The Enneagram symbol and the types have two separate histories. The symbol came to us by way of G.I. Gurdjieff and the Fourth Way with purported Sufi origins. The types originated with Oscar Ichazo.
A psychiatrist named Claudio Naranjo learned of Ichazo's ego types in 1970 and evolved them into what he called "ennea-types" which form the basis for the nine Enneagram personality types we use today.
Elements of the Enneagram types were borrowed from a number of different spiritual and psychological traditions. Today, the Enneagram types are used in some Christian circles.
Oscar Ichazo developed nine ego-types which were based on associated Enneagrams he created. There were a total of 108 Enneagrams according to Ichazo. Five of those Enneagrams provided a foundation for what evolved into the Enneagram personality types used today. The five Enneagrams had to do with fixations, traps, holy ideas, passions, and virtues.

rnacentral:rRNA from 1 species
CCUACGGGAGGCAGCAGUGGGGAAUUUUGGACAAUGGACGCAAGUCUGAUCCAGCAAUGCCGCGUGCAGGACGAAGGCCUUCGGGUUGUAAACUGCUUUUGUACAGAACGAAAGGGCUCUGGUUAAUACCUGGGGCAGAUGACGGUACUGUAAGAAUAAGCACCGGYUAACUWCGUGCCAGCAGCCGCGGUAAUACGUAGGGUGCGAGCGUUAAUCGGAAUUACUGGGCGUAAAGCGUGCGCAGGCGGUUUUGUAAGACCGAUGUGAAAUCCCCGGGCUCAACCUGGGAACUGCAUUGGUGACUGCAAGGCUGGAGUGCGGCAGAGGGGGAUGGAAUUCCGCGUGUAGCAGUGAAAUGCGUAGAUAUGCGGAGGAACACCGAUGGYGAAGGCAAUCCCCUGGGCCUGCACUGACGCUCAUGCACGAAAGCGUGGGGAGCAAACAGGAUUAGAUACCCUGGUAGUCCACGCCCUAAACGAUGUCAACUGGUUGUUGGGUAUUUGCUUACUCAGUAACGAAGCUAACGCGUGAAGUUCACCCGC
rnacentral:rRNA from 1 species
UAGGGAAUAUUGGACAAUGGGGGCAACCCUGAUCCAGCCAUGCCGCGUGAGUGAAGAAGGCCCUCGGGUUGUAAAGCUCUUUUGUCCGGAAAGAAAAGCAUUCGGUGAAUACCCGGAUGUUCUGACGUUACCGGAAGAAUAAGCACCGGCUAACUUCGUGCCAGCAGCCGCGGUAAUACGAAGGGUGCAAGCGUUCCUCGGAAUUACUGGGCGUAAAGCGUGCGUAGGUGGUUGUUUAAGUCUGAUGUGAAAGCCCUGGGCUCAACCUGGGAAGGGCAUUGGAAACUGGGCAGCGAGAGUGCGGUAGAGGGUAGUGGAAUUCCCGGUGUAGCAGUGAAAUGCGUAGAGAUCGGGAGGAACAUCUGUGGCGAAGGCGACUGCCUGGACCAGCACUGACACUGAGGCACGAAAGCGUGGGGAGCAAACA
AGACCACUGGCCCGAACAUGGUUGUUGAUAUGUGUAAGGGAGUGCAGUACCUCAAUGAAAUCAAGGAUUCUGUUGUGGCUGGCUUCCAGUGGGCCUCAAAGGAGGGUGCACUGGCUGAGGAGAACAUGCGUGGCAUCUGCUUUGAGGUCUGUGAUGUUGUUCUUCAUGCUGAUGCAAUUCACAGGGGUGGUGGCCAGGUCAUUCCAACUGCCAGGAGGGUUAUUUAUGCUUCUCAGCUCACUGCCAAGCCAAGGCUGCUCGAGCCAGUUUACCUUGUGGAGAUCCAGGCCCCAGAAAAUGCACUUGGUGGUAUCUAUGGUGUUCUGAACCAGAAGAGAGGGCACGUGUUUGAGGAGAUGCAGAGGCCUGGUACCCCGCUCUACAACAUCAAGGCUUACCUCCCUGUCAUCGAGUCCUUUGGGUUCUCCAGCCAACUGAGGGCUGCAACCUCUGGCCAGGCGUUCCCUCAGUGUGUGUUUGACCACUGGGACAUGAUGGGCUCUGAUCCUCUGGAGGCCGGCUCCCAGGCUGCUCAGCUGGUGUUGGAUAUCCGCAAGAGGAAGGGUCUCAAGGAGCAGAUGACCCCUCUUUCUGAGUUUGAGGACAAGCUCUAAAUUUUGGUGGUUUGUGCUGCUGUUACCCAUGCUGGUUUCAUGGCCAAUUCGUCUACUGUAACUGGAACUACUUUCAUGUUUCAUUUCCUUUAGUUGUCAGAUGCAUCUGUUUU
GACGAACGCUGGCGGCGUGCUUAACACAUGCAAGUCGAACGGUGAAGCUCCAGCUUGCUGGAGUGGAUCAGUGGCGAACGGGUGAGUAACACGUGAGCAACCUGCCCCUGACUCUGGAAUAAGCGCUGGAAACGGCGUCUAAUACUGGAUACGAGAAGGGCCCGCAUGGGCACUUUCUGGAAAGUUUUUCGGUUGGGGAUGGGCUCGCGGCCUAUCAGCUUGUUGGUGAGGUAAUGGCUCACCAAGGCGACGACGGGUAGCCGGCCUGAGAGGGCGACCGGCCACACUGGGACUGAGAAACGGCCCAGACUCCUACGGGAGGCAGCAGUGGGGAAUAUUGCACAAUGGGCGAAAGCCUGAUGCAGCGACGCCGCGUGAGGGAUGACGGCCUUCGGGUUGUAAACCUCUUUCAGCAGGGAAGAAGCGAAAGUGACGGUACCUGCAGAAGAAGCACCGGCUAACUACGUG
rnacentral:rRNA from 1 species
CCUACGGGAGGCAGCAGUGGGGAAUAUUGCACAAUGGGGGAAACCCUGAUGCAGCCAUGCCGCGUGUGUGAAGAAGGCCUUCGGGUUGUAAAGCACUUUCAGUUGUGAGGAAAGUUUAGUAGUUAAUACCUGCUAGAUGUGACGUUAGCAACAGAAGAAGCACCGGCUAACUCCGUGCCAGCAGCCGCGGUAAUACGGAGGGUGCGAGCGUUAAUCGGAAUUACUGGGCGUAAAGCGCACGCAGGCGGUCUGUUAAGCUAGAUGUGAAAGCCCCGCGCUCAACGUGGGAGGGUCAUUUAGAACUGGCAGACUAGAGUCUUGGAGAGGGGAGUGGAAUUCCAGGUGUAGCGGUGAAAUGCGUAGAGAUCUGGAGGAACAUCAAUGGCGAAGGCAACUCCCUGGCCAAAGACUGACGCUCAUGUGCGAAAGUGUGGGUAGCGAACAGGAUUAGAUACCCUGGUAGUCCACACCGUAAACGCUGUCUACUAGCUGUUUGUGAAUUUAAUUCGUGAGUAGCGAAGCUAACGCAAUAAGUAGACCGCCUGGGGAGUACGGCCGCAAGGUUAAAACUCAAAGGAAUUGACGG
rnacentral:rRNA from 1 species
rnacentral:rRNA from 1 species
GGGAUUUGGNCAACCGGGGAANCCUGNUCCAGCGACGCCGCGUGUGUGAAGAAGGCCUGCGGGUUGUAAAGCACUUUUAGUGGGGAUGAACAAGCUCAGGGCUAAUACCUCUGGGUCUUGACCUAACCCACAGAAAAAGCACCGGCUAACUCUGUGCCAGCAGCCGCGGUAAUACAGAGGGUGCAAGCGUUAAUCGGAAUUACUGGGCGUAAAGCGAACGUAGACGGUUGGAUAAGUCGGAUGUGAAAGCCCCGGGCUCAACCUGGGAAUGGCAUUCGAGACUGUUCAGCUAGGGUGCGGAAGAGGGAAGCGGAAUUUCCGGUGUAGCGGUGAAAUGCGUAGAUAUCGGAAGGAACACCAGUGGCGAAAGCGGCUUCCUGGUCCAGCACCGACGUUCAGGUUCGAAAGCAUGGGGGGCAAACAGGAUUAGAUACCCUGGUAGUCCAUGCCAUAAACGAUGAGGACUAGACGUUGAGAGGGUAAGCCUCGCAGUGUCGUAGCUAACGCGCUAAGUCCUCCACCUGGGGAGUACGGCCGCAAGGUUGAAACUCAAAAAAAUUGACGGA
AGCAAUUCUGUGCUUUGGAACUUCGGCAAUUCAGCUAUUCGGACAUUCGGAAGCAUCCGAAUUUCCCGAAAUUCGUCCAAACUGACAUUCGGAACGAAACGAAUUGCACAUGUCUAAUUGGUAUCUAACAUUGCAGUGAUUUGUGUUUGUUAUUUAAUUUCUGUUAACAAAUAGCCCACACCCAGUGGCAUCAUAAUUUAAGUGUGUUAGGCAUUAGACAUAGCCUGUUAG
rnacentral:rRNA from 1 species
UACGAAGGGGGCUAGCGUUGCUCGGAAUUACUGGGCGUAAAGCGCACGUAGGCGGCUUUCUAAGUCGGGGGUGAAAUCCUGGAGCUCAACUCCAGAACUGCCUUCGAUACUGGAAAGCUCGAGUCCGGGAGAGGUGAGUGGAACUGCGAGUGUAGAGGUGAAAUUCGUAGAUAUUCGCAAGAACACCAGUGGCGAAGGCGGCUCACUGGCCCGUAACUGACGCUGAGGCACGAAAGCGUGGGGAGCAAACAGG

Ichazo wasn't clear on where he got the Enneagram symbol, but did claim that he alone developed the labels for the Enneagrams that he used. It's well accepted that Ichazo developed the ego-types and associated Enneagrams that would later evolve through the teachings of a psychiatrist named Claudio Naranjo into the personality types of today.
G.I. Gurdjieff is purported to have learned of the Enneagram diagram from the Sufis during his search for hidden knowledge in the Middle East.
This is depicted in the movie Meetings with Remarkable Men where the dancers move along the inner lines of the Enneagram diagram.
Note that Gurdjieff didn't use the Enneagram with personality types. He used the Enneagram in terms of movement and process. It was decades later that Oscar Ichazo repurposed the Enneagram to represent types.